You’ll also want to work on correcting the underlying causes of overpronation, which are related to muscle imbalances which cause suboptimal posture. But that’s a topic for another day.
Environmental Causes of IT Band Friction
Many roads and tracks subtly slope off toward the side. If you habitually run on the same side of the same road or the same track as part of your running routine, one of your knees will be experiencing more impact than the other time after time. To decrease this environmental risk factor for IT band syndrome, vary your route, or better yet, hit the trails! Trail running is much better for your body in the long-term, since trails provide a lower impact surface for your foot to strike.
Treating IT Band Syndrome at Home
OK, so say you have an IT band syndrome flare-up. The side of your knee is achy and painful and although you now understand possible underlying causes after reading this article, all you want in the moment is some relief. If you follow the P.R.I.C.E formula for treating minor injuries, you should experience an immediate reprieve from your pain.
P.R.I.C.E stands for “protect, rest, ice, compression, elevation.” From personal experience, protection, rest, and ice are paramount. When you first injure yourself, protect the area with a brace, especially for the first 48 hours, which will help keep the injury from getting any worse. If you’re experiencing knee pain, immediately ice the area and rest it to feel immediate relief.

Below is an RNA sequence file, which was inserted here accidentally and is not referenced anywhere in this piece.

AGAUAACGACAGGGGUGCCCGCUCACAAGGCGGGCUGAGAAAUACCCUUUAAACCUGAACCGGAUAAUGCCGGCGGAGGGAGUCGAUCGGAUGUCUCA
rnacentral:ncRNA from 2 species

To compress, which reduces swelling, you can use athletic tape or a brace. Elevating the area will help also help take swelling down.
Rest is key. Don’t rush back into your normal training routine if you have a flare-up, even if it seems to be better. I recommend you run on an elliptical at first to decrease the impact on the area. In mild cases, exercise can actually help speed recovery time as it sends blood which is filled with repair resources to the troubled area.
If you know you have IT band issues, make sure to ice after exercise to take down any inflammation even if you’re not feeling pain. You can also take an over-the-counter anti-inflammatory such as ibuprofen an hour before exercise to nip inflammation in the bud.
It’s also helpful to stretch the TFL muscle before and after exercise. Perform self-myofascial release with a foam roll on the TFL and the IT band itself before and after exercise to relax the tight area and relieve pain.
Although IT band syndrome is among the most common causes of knee pain for runners and cyclists, there are other more serious injuries that may be co-occurring or occur in isolation which mimic IT band syndrome symptoms. These issues include lateral meniscus tears, articular cartilage lesions or arthritis. Be sure to rest and consult your doctor if home remedies fail or if pain is severe or persistent.
Do you want to learn more about the anatomy and physiology of the IT band and the TFL muscle?
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2. Knee Pain Explained (2010). PRICE treatment: protect, rest, ice, compression, elevation. Kneepainexplained.com, http://www.knee-pain-explained.com/rest-ice-compression-elevation.html
3. Strauss, E.J., et al. (2011). Iliotibial band syndrome: Evaluation and management. Journal of the American Academy of Orthopedic Surgeons, 19(12): 728-736.
4. Wedro, B. (2013). IT band syndrome: Causes, symptoms, treatment, and prevention. E-Medicine Health, www.emedicinehealth.com/iliotibial_band_syndrome/article_em.htm